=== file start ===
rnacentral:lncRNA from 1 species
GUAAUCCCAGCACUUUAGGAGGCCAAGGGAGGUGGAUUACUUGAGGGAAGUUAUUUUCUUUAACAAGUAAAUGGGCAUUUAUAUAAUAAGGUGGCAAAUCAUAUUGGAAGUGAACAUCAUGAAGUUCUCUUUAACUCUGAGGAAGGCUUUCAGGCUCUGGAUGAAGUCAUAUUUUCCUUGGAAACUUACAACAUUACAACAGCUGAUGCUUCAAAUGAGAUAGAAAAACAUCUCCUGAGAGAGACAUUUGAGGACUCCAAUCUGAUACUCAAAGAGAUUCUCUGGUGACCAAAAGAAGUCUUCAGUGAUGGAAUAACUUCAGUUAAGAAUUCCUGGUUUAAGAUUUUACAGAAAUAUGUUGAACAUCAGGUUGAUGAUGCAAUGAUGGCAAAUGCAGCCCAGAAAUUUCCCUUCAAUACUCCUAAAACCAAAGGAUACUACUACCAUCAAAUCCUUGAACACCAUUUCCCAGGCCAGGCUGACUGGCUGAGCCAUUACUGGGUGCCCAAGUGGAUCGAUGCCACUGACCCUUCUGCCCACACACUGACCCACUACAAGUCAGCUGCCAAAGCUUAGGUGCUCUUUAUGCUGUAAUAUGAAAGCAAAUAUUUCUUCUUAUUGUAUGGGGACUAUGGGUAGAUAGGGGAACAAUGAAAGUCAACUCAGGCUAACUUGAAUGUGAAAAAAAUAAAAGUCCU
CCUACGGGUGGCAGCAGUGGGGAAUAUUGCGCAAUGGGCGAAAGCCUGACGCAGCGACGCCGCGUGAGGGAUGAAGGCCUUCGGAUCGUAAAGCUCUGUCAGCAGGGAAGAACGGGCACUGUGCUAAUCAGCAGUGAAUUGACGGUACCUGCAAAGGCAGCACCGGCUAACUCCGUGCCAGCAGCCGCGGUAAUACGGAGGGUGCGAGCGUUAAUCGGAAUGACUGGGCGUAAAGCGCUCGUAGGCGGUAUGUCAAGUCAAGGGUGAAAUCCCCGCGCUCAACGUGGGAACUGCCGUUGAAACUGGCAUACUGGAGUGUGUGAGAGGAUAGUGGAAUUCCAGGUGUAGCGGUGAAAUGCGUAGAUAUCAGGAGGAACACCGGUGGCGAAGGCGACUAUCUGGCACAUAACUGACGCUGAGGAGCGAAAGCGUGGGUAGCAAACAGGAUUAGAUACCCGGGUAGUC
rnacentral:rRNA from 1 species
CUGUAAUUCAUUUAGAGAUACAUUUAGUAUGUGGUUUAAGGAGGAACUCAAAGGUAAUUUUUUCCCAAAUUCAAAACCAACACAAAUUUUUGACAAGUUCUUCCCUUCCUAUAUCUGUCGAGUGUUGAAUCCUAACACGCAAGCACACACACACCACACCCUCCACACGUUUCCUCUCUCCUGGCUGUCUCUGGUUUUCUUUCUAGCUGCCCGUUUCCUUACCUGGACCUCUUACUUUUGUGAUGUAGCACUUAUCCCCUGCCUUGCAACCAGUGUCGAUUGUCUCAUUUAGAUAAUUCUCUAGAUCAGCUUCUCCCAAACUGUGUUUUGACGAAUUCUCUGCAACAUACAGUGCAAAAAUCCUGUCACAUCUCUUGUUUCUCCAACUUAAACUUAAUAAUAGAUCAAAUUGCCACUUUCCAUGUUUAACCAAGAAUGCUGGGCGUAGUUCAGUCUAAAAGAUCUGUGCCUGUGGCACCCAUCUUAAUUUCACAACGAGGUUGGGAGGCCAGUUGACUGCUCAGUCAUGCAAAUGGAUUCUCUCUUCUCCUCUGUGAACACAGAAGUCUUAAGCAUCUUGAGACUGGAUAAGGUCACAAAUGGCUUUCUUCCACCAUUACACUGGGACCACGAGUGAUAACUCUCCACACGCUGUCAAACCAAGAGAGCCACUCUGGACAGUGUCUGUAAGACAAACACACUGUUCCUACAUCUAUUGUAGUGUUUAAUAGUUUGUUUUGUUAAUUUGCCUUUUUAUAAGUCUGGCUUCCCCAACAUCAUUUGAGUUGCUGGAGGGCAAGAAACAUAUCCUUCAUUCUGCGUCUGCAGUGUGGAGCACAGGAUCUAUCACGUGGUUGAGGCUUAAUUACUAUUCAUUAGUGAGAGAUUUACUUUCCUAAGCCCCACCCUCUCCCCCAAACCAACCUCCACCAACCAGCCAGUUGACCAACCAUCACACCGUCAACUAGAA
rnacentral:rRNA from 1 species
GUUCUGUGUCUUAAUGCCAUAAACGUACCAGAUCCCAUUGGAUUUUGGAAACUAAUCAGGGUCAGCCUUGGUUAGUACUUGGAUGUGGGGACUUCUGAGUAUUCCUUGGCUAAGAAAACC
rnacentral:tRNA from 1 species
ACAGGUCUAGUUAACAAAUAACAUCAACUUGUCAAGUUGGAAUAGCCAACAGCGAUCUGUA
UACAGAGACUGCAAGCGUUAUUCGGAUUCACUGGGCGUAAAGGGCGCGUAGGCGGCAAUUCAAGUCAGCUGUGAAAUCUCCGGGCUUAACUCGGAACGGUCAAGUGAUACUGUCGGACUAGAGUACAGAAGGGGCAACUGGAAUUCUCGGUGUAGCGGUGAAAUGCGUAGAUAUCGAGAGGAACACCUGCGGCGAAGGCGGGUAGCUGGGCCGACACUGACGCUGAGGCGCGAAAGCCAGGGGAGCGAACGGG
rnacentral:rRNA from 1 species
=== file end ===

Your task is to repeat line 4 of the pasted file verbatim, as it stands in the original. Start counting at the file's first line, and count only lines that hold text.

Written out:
rnacentral:rRNA from 1 species